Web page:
Why writing is kind of like riding a bike.

Have you ever seen an advertisement offering bike riding lessons? Nope, me neither. Sounds a bit silly. I mean, who would pay to learn how to ride a bike, right? More importantly is it even necessary? My kids learned to ride bikes when they were four. I remember watching my middle daughter hard at work one day, picking herself up again and again. “How do I keep my balance?” she asked. “It’s just something you have to learn,” I told her. At the end of the day she had it mastered.

Back when I was nine, and just learning to ride a bike, my older sister told me what to do. She showed me how to get on, where to put my feet and hands, and how to stop. A piece of cake. At least it looked that way when she went tearing down the road as fast as those pedals would take her. Trying it myself was a totally different story. Remembering to pedal while not steering myself into a ditch was challenging enough, but the most challenging of all was keeping my balance. Mind you, I ended up with a few skinned knees before it was all over and palms bit with gravel stones. Yup, we lived on a dirt road.

But I was determined. I knew it wasn’t something that was beyond my capabilities. Everyone I knew could ride a bike. It was child’s play, after all. So I set out to learn, secure in the thought that I would. It was just a matter of time. Practise, practise, practise. It was the only way I was going to learn. My sister could show me as many times as I wanted her to, but she couldn’t do it for me. You can’t teach someone balance. It something you understand through doing.

It’s that way with writing. We can read all the books on writing we want, take a hundred and one classes, but none of those things will make us a good storyteller. We actually have to hit the keyboard and start writing. Of course we’ll be wobbly in the beginning. We’ll fall more times than we can count. We’ll get our pride hurt. But each day, as we practice, we’ll get a little better. We won’t feel so uncertain. We’ll work out all the wobbles.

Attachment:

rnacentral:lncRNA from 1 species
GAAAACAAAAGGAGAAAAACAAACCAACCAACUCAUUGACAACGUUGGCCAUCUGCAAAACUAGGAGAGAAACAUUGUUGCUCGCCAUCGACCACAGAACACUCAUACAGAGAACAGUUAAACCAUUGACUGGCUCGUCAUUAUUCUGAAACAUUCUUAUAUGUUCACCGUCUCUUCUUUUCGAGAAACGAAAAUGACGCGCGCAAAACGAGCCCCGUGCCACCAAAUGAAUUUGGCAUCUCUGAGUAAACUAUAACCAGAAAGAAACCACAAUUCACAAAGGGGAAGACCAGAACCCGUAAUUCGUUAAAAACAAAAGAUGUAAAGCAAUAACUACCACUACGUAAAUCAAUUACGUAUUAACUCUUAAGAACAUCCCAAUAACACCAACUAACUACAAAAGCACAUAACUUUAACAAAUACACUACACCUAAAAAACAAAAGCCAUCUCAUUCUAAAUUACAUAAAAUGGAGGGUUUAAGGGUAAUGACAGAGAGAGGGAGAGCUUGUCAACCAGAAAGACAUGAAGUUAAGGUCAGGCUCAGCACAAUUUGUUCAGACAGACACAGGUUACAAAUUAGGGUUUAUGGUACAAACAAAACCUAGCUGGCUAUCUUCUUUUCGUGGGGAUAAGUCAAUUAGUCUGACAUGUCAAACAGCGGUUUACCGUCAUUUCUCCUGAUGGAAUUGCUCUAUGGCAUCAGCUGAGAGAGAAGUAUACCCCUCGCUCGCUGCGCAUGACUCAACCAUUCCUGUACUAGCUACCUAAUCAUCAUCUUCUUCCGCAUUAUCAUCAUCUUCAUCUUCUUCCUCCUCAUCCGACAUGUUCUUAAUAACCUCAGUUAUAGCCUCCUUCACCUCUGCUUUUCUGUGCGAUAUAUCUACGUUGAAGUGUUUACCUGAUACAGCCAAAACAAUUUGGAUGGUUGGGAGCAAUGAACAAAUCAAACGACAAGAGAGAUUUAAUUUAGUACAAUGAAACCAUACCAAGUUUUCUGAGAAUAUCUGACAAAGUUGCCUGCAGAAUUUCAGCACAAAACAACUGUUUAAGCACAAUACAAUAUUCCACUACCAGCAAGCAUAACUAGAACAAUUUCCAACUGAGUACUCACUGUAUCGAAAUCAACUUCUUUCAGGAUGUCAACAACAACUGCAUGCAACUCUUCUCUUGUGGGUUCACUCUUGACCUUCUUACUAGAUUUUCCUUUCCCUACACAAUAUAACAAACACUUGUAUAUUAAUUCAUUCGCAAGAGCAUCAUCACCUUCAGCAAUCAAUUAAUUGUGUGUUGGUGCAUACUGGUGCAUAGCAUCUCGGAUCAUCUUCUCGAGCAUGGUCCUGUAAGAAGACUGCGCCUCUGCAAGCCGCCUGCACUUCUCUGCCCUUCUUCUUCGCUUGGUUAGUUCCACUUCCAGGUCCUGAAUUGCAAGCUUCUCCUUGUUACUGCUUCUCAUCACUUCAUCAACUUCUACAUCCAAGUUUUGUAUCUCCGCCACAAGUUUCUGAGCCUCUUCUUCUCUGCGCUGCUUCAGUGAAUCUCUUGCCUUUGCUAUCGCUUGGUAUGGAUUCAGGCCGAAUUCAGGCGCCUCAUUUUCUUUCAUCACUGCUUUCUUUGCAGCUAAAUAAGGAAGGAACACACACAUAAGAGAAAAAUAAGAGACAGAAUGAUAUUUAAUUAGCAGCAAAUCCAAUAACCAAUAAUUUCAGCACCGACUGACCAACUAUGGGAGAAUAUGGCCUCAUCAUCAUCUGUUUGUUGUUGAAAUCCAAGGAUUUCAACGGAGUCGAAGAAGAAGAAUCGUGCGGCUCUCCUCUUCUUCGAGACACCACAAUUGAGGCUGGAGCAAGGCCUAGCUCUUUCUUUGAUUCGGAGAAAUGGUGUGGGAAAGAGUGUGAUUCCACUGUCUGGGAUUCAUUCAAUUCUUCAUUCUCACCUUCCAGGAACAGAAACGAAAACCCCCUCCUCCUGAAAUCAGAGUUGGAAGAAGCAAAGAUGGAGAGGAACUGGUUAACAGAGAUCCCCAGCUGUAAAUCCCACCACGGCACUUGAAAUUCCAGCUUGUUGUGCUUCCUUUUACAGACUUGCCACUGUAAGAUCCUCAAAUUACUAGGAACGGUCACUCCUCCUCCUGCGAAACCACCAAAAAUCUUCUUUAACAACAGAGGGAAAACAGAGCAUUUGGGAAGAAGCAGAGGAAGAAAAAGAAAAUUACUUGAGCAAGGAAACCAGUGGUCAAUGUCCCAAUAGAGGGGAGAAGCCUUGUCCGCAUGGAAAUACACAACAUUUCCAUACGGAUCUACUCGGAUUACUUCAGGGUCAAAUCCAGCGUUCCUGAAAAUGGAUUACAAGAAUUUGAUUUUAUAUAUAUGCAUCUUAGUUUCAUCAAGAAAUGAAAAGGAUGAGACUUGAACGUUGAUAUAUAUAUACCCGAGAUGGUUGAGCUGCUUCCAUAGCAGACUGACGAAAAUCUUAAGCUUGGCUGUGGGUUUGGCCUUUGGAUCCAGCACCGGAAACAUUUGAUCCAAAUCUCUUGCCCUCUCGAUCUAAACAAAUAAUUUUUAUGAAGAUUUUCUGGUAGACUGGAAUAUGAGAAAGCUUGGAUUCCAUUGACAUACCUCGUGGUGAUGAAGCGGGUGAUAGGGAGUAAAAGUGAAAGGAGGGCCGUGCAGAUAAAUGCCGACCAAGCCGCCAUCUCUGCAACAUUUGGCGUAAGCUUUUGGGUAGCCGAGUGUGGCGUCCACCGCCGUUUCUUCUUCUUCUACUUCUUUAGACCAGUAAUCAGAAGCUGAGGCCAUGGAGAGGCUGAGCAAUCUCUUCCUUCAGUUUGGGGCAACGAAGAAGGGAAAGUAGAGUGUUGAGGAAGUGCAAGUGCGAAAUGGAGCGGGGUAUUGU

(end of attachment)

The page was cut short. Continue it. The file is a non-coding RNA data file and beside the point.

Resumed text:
While I might be able to tell you enough writing rules to get you started, becoming a storyteller is altogether different. Good writing doesn’t necessarily make a good storyteller. I happen to believe that the ability to tell an interesting story, one that engages the reader, is a bit like bike riding. No one else can teach us, it is a skill that we develop with a great deal of practise. It takes time and determination.

I’ve never taken a writing course. I’m sure many of you haven’t either. I own perhaps half a dozen writing books. I may not be able to explain how I tell a story, the same way I can’t explain how to I keep my balance on a bike, it’s just something I do. Right or wrong, I’ve learned what it takes to make a good storyteller. You’ll learn that too. Writing is easy. That’s right, you heard me. Easy. I know someone who whipped up a novel in two weeks. The first thing he’d ever written. Was the story any good? What do you think? Perhaps the worse part was the writer wasn’t interested in making any changes, or working to improve what was there. Their writing was VERY wobbly, but it could have been improved had they understood that the writer you are in the beginning is not the writer you’ll be further down the road. Good storytelling is a skill you acquire over time.

Do you agree that good storytelling is something that is acquired over time, that writing can be taught, but storytelling can not?

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10 Comments

  1. fivecats

     /  March 18, 2012

    Ran into one of your technical difficulties. Trying it again …

    A colege prep composition teacher back in high school said, “if you know how to talk well, you should be able to write well.” I don’t subscribe to that axiom, then or now. Generally, I can explain most things well. In written form, most of the time. The written explanation may be a bit too wordy, but the reader gets the point. The reports I write for my paying clients – precise and succinct, no hedging. They pay for a professional opinion, they get it.

    Storytelling, that’s a special craft in itself. You might be able to learn how to tell/write a story. And, you write be able to tell/write many stories. But, that in itself doesn’t make you into a storyteller. While I’ve written a few stories for myself and a few friends, it doesn’t make me a storyteller.

    Reply